The student news site of West Chicago Community High School

Wildcat Chronicle

The student news site of West Chicago Community High School

Wildcat Chronicle

The student news site of West Chicago Community High School

Wildcat Chronicle

Distinguished Sites Banner
SUPPORT US
$725
$750
Contributed
Our Goal

Your donation will support the student journalists of West Chicago Community High School. Your contribution will help us cover our annual website hosting costs. We appreciate your support!

INSTAGRAM FEED

[OPINION] The SAT has become obsolete

A quick look into the test, and its racist history.
The+SAT+is+perhaps+trying+to+become+more+relevant+by+switching+from+paper+to+computer%2C+but+one+has+to+question+whether+the+test+is+necessary+at+all.
Photo by Karidja Monjolo
The SAT is perhaps trying to become more relevant by switching from paper to computer, but one has to question whether the test is necessary at all.

Managing Editor Karidja Monjolo is a three-year member of the Wildcat Chronicle who frequently writes opinion pieces. The views expressed in this piece are her own.

On April 18, juniors in West Chicago Community High School will gear up to take the Scholastic Aptitude Test, or SAT, a test first established in the 1920s.  But, over the past few years, standardized test scores have had less of an impact on the college admissions process; as colleges move away from the test, so should high schools. 

In 2020, more than 600 colleges did not require students to submit their scores, and a dozen of schools refused to even take the scores at all. The change did not come as a huge surprise, as before the pandemic more than 1,000 schools had already gone test optional.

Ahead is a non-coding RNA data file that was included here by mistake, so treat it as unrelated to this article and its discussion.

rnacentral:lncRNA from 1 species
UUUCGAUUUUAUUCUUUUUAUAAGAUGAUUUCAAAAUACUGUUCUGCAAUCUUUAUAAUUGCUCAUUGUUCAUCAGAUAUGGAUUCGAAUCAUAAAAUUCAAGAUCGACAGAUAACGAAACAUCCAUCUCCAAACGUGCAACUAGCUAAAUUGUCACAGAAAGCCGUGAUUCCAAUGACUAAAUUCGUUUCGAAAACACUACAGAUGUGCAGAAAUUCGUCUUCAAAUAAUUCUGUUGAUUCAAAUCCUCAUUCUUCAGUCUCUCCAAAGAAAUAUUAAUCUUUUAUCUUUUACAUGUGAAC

Only eight states out of the 50 – the lowest number since the test was first established in 1920 – still require the SAT as a graduation requirement. This number is a clear indication that the rest of the United States is moving away from standardized testing, and so Illinois should follow suit.

Perhaps other states were turned off by the socioeconomic racial disparities – or the racist history – involving the test. According to the National Education Association (NEA), “Decades of research demonstrate that Black, Latin(o/a/x), and Native students, as well as students from some Asian groups, experience bias from standardized tests administered from early childhood through college.”

The research suggests that “the average white student’s SAT math score was 106 points higher than the average Black student’s (533 compared to 427); by 2020, the gap narrowed to 93 points. Still, nearly a third (31%) of white test takers scored above 600 on the math portion of the SAT, compared to just 7% of Black test takers.”

Rather than blaming the test itself, some say the test takers are to blame.